It’s fall and many young people are looking at those college applications and thinking “is college still a good idea?” It’s a relevant question considering the high cost of tuition and the student debt problem in America. It’s also an issue that spurred debate this past spring. Before you decide whether you should take the plunge, take these factors into consideration.
By now, we probably all know someone who struggles with student loan debt or job woes. Many of us young folk went to college hoping to make our dreams come true, only to find ourselves saddled with enormous debt and no job prospects. Young grads are still having trouble nailing down that first professional job, and many people aren't working in the industries they trained for. It wasn't exactly a walk in the park for older people either, whose careers went kaput and they had to go back to school or get new training. Stories from the Great Recession are many among us.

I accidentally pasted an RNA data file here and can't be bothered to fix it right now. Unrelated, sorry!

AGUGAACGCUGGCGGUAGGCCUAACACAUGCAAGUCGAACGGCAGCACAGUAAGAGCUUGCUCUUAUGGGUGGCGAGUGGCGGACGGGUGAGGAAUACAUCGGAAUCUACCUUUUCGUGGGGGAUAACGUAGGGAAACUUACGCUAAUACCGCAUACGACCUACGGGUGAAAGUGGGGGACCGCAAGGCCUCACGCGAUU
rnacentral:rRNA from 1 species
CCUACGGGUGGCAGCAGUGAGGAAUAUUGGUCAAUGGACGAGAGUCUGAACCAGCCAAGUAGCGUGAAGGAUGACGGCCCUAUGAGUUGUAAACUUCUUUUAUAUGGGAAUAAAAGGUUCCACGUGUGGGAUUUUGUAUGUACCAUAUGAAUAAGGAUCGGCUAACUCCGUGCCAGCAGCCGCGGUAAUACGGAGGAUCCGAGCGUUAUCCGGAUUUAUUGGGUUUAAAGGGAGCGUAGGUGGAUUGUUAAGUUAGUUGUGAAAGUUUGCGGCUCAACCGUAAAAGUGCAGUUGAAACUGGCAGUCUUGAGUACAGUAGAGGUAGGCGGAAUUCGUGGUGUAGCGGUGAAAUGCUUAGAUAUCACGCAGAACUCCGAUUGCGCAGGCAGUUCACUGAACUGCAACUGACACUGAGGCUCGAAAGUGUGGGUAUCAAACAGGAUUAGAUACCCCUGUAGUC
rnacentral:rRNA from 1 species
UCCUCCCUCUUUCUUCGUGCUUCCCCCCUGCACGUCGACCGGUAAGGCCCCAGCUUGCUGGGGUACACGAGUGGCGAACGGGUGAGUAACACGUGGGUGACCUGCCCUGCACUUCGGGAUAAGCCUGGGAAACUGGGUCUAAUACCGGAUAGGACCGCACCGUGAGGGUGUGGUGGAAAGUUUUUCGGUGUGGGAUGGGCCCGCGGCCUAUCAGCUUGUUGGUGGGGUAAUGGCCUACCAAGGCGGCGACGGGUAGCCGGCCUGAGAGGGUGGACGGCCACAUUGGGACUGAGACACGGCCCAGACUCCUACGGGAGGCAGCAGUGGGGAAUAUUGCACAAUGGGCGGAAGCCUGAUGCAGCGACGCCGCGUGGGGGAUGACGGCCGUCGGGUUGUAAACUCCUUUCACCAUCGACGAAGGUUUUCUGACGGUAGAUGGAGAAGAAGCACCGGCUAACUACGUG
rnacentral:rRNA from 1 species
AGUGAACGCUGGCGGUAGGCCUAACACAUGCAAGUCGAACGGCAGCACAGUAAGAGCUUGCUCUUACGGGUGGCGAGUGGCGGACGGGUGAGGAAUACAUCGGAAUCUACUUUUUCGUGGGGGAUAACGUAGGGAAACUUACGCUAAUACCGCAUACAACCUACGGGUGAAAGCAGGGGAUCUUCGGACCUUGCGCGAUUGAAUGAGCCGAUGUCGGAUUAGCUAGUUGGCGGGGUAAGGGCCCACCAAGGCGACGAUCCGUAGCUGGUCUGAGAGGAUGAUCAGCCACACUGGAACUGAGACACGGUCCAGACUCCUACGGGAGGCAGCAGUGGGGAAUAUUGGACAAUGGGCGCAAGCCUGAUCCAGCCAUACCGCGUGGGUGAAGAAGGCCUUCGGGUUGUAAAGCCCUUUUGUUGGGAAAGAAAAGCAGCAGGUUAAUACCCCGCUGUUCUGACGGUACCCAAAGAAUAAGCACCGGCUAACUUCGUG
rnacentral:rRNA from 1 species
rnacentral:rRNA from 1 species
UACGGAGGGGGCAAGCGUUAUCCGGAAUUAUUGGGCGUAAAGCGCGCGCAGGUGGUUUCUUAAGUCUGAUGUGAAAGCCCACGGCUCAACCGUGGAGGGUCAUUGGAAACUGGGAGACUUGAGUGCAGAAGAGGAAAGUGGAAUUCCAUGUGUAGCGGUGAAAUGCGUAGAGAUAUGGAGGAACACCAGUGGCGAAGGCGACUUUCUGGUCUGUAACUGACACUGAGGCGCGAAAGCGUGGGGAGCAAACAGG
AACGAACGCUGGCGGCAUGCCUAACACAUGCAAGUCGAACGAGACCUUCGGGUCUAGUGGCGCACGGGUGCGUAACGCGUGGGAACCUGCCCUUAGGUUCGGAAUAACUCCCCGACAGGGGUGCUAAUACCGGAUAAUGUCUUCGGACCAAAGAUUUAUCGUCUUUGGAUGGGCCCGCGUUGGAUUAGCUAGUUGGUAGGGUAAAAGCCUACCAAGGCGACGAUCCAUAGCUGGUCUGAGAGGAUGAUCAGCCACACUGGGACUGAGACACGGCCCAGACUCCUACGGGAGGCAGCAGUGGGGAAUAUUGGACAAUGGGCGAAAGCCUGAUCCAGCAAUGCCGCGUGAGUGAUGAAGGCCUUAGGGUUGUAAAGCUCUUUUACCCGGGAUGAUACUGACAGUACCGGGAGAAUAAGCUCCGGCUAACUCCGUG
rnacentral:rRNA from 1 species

The divide between America's rich and poor has grown extensively in the past 30 years, especially for people raising kids. And while the rich have become richer, earnings have declined for the lowest-income echelon. Education can and should be the great equalizer, expanding opportunity for the poor. But how can we improve public policy to ensure that it's accessible to all income levels in an age of skyrocketing tuition costs?